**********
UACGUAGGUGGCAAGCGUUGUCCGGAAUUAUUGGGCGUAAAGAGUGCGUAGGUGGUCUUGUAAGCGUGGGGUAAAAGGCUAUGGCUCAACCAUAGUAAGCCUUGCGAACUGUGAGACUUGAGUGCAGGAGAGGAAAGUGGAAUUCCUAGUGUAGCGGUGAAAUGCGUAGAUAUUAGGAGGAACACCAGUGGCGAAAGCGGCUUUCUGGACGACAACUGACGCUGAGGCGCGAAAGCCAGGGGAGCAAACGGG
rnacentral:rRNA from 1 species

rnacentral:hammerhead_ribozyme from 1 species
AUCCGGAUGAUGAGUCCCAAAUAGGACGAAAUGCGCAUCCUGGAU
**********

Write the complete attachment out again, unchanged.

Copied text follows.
UACGUAGGUGGCAAGCGUUGUCCGGAAUUAUUGGGCGUAAAGAGUGCGUAGGUGGUCUUGUAAGCGUGGGGUAAAAGGCUAUGGCUCAACCAUAGUAAGCCUUGCGAACUGUGAGACUUGAGUGCAGGAGAGGAAAGUGGAAUUCCUAGUGUAGCGGUGAAAUGCGUAGAUAUUAGGAGGAACACCAGUGGCGAAAGCGGCUUUCUGGACGACAACUGACGCUGAGGCGCGAAAGCCAGGGGAGCAAACGGG
rnacentral:rRNA from 1 species

rnacentral:hammerhead_ribozyme from 1 species
AUCCGGAUGAUGAGUCCCAAAUAGGACGAAAUGCGCAUCCUGGAU